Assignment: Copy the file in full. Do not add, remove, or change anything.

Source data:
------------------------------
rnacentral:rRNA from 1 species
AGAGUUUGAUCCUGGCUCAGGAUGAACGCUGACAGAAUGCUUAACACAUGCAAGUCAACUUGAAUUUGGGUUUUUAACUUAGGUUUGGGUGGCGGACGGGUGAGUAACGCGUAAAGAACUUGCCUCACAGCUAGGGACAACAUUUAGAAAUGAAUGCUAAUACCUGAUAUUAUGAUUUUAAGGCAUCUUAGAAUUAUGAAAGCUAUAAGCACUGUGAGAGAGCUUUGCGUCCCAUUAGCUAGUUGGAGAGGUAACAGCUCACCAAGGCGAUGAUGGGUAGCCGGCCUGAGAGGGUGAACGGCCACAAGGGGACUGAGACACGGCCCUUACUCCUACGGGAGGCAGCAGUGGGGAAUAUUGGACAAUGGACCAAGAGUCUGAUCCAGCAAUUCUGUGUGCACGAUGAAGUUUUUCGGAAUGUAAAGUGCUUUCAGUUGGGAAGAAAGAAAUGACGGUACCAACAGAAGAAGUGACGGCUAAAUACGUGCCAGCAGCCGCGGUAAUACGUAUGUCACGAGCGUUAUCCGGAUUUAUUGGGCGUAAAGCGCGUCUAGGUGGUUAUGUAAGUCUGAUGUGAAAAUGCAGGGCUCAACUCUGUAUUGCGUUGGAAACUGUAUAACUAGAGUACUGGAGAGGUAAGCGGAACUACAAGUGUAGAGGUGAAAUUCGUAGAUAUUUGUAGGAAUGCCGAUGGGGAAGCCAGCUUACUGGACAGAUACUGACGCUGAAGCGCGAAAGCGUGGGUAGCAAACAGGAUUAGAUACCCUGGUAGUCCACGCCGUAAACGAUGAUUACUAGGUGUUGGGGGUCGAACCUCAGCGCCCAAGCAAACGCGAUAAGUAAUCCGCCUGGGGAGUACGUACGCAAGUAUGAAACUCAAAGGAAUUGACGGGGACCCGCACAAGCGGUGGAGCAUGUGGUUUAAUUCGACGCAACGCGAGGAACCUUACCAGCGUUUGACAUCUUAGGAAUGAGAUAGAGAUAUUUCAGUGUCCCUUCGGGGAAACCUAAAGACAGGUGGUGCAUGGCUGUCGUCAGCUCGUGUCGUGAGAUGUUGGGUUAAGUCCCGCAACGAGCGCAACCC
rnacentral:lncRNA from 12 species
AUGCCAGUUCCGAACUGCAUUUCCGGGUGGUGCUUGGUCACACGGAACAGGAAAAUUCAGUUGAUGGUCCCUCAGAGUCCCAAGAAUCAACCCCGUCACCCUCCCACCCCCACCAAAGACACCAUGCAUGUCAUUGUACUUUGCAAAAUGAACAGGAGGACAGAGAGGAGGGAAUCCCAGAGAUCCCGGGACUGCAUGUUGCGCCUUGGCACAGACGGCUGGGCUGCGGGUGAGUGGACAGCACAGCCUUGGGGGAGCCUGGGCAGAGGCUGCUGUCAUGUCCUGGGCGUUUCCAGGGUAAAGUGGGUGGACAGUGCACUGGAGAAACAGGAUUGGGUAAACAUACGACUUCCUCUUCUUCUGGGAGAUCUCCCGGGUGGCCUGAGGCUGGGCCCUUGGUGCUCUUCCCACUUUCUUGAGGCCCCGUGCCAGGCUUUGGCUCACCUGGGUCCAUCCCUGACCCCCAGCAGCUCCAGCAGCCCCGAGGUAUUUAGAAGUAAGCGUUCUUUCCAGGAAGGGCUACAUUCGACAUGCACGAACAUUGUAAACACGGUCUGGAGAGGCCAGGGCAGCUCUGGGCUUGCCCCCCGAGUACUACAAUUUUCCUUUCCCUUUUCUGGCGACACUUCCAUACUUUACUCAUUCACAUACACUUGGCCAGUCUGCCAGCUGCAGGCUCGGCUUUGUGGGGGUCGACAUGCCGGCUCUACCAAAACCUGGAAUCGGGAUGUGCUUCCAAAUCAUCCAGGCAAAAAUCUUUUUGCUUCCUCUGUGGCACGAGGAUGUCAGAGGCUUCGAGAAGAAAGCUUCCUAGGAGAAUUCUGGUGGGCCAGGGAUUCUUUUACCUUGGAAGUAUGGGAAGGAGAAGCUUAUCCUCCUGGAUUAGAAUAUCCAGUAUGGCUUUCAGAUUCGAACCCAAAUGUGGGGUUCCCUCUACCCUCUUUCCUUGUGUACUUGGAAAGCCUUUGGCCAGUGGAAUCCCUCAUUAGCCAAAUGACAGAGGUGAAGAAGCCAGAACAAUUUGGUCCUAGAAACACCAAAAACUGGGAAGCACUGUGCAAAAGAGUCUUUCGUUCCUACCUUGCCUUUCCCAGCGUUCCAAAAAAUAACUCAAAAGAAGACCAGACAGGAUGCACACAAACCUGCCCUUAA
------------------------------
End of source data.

rnacentral:rRNA from 1 species
AGAGUUUGAUCCUGGCUCAGGAUGAACGCUGACAGAAUGCUUAACACAUGCAAGUCAACUUGAAUUUGGGUUUUUAACUUAGGUUUGGGUGGCGGACGGGUGAGUAACGCGUAAAGAACUUGCCUCACAGCUAGGGACAACAUUUAGAAAUGAAUGCUAAUACCUGAUAUUAUGAUUUUAAGGCAUCUUAGAAUUAUGAAAGCUAUAAGCACUGUGAGAGAGCUUUGCGUCCCAUUAGCUAGUUGGAGAGGUAACAGCUCACCAAGGCGAUGAUGGGUAGCCGGCCUGAGAGGGUGAACGGCCACAAGGGGACUGAGACACGGCCCUUACUCCUACGGGAGGCAGCAGUGGGGAAUAUUGGACAAUGGACCAAGAGUCUGAUCCAGCAAUUCUGUGUGCACGAUGAAGUUUUUCGGAAUGUAAAGUGCUUUCAGUUGGGAAGAAAGAAAUGACGGUACCAACAGAAGAAGUGACGGCUAAAUACGUGCCAGCAGCCGCGGUAAUACGUAUGUCACGAGCGUUAUCCGGAUUUAUUGGGCGUAAAGCGCGUCUAGGUGGUUAUGUAAGUCUGAUGUGAAAAUGCAGGGCUCAACUCUGUAUUGCGUUGGAAACUGUAUAACUAGAGUACUGGAGAGGUAAGCGGAACUACAAGUGUAGAGGUGAAAUUCGUAGAUAUUUGUAGGAAUGCCGAUGGGGAAGCCAGCUUACUGGACAGAUACUGACGCUGAAGCGCGAAAGCGUGGGUAGCAAACAGGAUUAGAUACCCUGGUAGUCCACGCCGUAAACGAUGAUUACUAGGUGUUGGGGGUCGAACCUCAGCGCCCAAGCAAACGCGAUAAGUAAUCCGCCUGGGGAGUACGUACGCAAGUAUGAAACUCAAAGGAAUUGACGGGGACCCGCACAAGCGGUGGAGCAUGUGGUUUAAUUCGACGCAACGCGAGGAACCUUACCAGCGUUUGACAUCUUAGGAAUGAGAUAGAGAUAUUUCAGUGUCCCUUCGGGGAAACCUAAAGACAGGUGGUGCAUGGCUGUCGUCAGCUCGUGUCGUGAGAUGUUGGGUUAAGUCCCGCAACGAGCGCAACCC
rnacentral:lncRNA from 12 species
AUGCCAGUUCCGAACUGCAUUUCCGGGUGGUGCUUGGUCACACGGAACAGGAAAAUUCAGUUGAUGGUCCCUCAGAGUCCCAAGAAUCAACCCCGUCACCCUCCCACCCCCACCAAAGACACCAUGCAUGUCAUUGUACUUUGCAAAAUGAACAGGAGGACAGAGAGGAGGGAAUCCCAGAGAUCCCGGGACUGCAUGUUGCGCCUUGGCACAGACGGCUGGGCUGCGGGUGAGUGGACAGCACAGCCUUGGGGGAGCCUGGGCAGAGGCUGCUGUCAUGUCCUGGGCGUUUCCAGGGUAAAGUGGGUGGACAGUGCACUGGAGAAACAGGAUUGGGUAAACAUACGACUUCCUCUUCUUCUGGGAGAUCUCCCGGGUGGCCUGAGGCUGGGCCCUUGGUGCUCUUCCCACUUUCUUGAGGCCCCGUGCCAGGCUUUGGCUCACCUGGGUCCAUCCCUGACCCCCAGCAGCUCCAGCAGCCCCGAGGUAUUUAGAAGUAAGCGUUCUUUCCAGGAAGGGCUACAUUCGACAUGCACGAACAUUGUAAACACGGUCUGGAGAGGCCAGGGCAGCUCUGGGCUUGCCCCCCGAGUACUACAAUUUUCCUUUCCCUUUUCUGGCGACACUUCCAUACUUUACUCAUUCACAUACACUUGGCCAGUCUGCCAGCUGCAGGCUCGGCUUUGUGGGGGUCGACAUGCCGGCUCUACCAAAACCUGGAAUCGGGAUGUGCUUCCAAAUCAUCCAGGCAAAAAUCUUUUUGCUUCCUCUGUGGCACGAGGAUGUCAGAGGCUUCGAGAAGAAAGCUUCCUAGGAGAAUUCUGGUGGGCCAGGGAUUCUUUUACCUUGGAAGUAUGGGAAGGAGAAGCUUAUCCUCCUGGAUUAGAAUAUCCAGUAUGGCUUUCAGAUUCGAACCCAAAUGUGGGGUUCCCUCUACCCUCUUUCCUUGUGUACUUGGAAAGCCUUUGGCCAGUGGAAUCCCUCAUUAGCCAAAUGACAGAGGUGAAGAAGCCAGAACAAUUUGGUCCUAGAAACACCAAAAACUGGGAAGCACUGUGCAAAAGAGUCUUUCGUUCCUACCUUGCCUUUCCCAGCGUUCCAAAAAAUAACUCAAAAGAAGACCAGACAGGAUGCACACAAACCUGCCCUUAA